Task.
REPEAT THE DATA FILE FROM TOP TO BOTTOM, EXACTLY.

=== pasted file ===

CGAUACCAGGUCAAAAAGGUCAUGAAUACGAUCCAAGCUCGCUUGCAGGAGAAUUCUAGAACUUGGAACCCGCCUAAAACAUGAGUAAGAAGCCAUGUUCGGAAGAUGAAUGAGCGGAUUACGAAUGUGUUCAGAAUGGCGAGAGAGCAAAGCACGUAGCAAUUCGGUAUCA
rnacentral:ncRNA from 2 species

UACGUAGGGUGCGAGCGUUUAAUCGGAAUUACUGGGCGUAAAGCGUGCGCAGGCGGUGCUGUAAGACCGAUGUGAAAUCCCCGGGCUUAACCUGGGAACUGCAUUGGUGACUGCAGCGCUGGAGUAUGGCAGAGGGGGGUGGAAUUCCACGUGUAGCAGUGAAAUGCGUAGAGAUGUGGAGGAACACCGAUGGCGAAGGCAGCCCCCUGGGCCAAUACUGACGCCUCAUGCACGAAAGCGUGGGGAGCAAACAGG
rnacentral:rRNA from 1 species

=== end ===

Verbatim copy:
CGAUACCAGGUCAAAAAGGUCAUGAAUACGAUCCAAGCUCGCUUGCAGGAGAAUUCUAGAACUUGGAACCCGCCUAAAACAUGAGUAAGAAGCCAUGUUCGGAAGAUGAAUGAGCGGAUUACGAAUGUGUUCAGAAUGGCGAGAGAGCAAAGCACGUAGCAAUUCGGUAUCA
rnacentral:ncRNA from 2 species

UACGUAGGGUGCGAGCGUUUAAUCGGAAUUACUGGGCGUAAAGCGUGCGCAGGCGGUGCUGUAAGACCGAUGUGAAAUCCCCGGGCUUAACCUGGGAACUGCAUUGGUGACUGCAGCGCUGGAGUAUGGCAGAGGGGGGUGGAAUUCCACGUGUAGCAGUGAAAUGCGUAGAGAUGUGGAGGAACACCGAUGGCGAAGGCAGCCCCCUGGGCCAAUACUGACGCCUCAUGCACGAAAGCGUGGGGAGCAAACAGG
rnacentral:rRNA from 1 species